ice cream tulips

Ice Cream Tulips Are A Rare Flower That Looks Delicious

It’s not every day you come across a flower that looks good enough to eat. But when you see these ice cream tulips, you might want to take a bite! We don’t recommend it though.

For some of us, we have entered the magical time of Spring, where flowers awake from their slumber and produce the most magnificent blossoms.

There has been one particular flower the tulip, which has been celebrated all over the world with its very own festival. Countries such as the United States, Canada, the Netherlands, New Zealand, Australia, India, England, and many others have held events in honor of the gorgeous flower. To many, tulip festivals have become an important announcement that Spring has in fact, “sprung.”

This year is a bit different with all of the public gatherings being canceled. Since only a few will be able to witness the beauty of blossoming tulips with their own eyes, we decided to share their beauty with you right here.

Read more: When These Deadly Flowers Bloom They Resemble An Inferno Of Flames

Reaching a height of 16 inches, and a width of 6 inches, these beauties create a dramatic effect you simply can’t ignore.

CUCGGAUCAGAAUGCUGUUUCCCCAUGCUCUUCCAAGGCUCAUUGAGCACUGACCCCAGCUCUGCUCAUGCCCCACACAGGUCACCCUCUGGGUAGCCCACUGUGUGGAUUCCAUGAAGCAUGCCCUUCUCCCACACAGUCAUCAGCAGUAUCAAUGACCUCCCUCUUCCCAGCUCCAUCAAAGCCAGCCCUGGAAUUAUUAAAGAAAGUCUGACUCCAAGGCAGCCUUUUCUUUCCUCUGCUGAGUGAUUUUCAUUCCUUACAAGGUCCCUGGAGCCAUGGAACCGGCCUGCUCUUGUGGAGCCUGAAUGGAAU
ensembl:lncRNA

white ice cream tulips

This late-flowering double tulip is truly unique, the white center is completely petal packed, and the strawberry blooms around the outside encase it perfectly.

We’ve seen some open completely for more of a peony-flowered look, but most often they don’t open entirely, and instead look like an ice cream cone. They are whimsical, lush and beautiful—perfect for drawing attention to a garden bed and creating a sweet bouquet.

They come in a variety of colors, from stark white to banana yellow.

yellow ice cream tulips

Growing ice cream tulips

Plant tulip bulbs in late summer or autumn. Tulips will grow well in any moist, well drained soil, except for particularly wet soils. Choose a sunny position that is sheltered from strong winds. When planting tulip bulbs avoid shallow planting as this may reduce the winter cold period that is essential for tulip bulbs to produce flowers in spring. Plant them at a depth of 15cm (6″) and at a distance of 13cm (5″) apart.

closeup of a white ice cream tulip

These flowers might look as good as ice cream, but that doesn’t mean you should try eating them. Some people have allergic reactions to certain types of flowers, and while some are edible, it’s best not to risk it.

Unsurprisingly, these tulips are also quite rare and unique, so they’re definitely something you want to grow in your garden!

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Thomas Nelson
Gardening Expert
Hi! I'm Thomas, one of the founders of The Garden Magazine. I come from a long line of gardeners who used the art of gardening as a way to live long, healthy lives. I'm here to share my knowledge of gardening with the world!